I decided to do a pepper crust because I like peppered bacon and I wanted to give my bacon some flair to make up for the fact that I didn’t cure it properly. For the pepper crust, I gave the belly a rub with salt and pepper. I added some salt at this point because I was unsure how the brining would go. Totally unnecessary. I found that the end result was slightly too salty, and I think this second salt application was the culprit. So, do the pepper rub – palmful of pepper rubbed on each side – then set the belly, uncovered, on a wire rack in the fridge. Start your fire. When the coals have ashed over, load them into your smoker. Most sources will tell you to smoke your bacon until the internal temperature is 150. That’s 10 degrees below cooked for pork and another 10-15 below falling-off-the-bone tender. Now, my smoker is a piece of crap. It’s small and I have a hard time regulating the temperature, so when I smoke stuff, I give it an hour or two of serious smoke, then finish it in the oven, where I can better regulate the temperature. I don’t care if that’s cheating. I’m not trying to get into the recipe hall of fame; I just want meals that taste amazing. That’s what I did here. About an hour and a half on the smoker, adding wood chips is necessary to keep a steady (not billowing) flow of smoke. After an hour and a half or so, place the belly on a wire rack in a 225 degree oven until the internal temperature reads 150, probably about an hour. The belly will have rendered some fat but will have shrunken surprisingly little.

OK, time for another big lesson. Buy a decent digital meat thermometer. I have the old timey variety. It does get temperatures pretty close and that’s fine for some stuff, but for something like bacon, where you want to slowly cook it until it’s within a few degrees of being cooked through, you need precision. My bacon came out, I think, a little overdone. Still fried up OK, but it was drier than good store-bought bacon. So, when your pork belly’s internal temp gets to about 145, as measured with a good thermometer, pull it from the oven, let it cool to room temperature, then refrigerate.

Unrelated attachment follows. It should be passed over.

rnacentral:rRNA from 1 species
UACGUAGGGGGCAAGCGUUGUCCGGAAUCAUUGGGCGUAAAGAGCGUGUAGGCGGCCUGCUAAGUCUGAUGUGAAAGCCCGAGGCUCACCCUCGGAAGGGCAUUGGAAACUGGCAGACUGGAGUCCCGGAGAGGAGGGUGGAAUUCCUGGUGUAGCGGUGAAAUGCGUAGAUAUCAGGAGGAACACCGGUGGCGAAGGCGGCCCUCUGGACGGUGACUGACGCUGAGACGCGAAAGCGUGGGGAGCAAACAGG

Ready to cool, then slice


Well, now you’ve hopefully made bacon successfully, and you’re ready to break that mother off and eat. Good. Here are a few tips in parting.

  • Wait until the next day, especially if you didn’t do the full-on nitrate curing. I don’t know if it’s science or just mental, but I cut some off and fried it up right after it had cooled down from the oven and was disappointed. The next day, I fried some more up and thought it was significantly tastier and more bacony.
  • Cut the oblong ends off of your belly and stick them in the freezer. They’ll be more cooked than the meat nearer to the center, but they’ll be perfect for using as salting meat.
  • Resist the urge to cut ridiculously thick strips of bacon. Moderation, baby! It’ll be too thick to be crispy and take forever to cook.
  • Speaking of taking forever, cook your bacon on med-low. That’s just a general bacon tip. Most people crank the heat too high and have bacon that’s too flabby because not enough fat has rendered.
  • When the fat has started to render and pool, pour most of it off. This helps get your bacon achieve crispiness. Again, just another bacon truth.

*Let’s face it – documentaries are entertainment, not learning. Documentaries just seem educational because the tone is subtler than in a Jerry Bruckheimer picture.

** Please be a pig, please be a pig…

*** I would rather be really good at making bacon than have the ability to fly. Seriously, hear me out: I eat bacon all the time. With flying, not only are there so many questions I have (how fast would I be able to go? etc), I assume I would be expected to fight crime. Yeah, that sounds dangerous and it’s just not happening for me.


  • ian

    Rudolph’s always has good slabs of (frozen) pork belly.

  • The Guy

    Note to editor: it’s time for a “Who’s Got the Best Bacon” thread. I’m throwing down for La Duni.

  • Jed Dunn

    Cold smoking and resting then pan frying would give you the better taste you are looking for. Bacon should not be smoked hot.

    • travis awalt

      @Jed true, cold smoke is ideal, but for the home cook, cold smoke isn’t terrifically practical.

  • Jerry Friedman

    Enough of this amateur hour nonsense. Use Morton’s Tender Quick. Kroger has it. 1 tbsp/pound, let cure for a week, rinse the hell out of it, put it in front of a fan for a few hours, then smoke.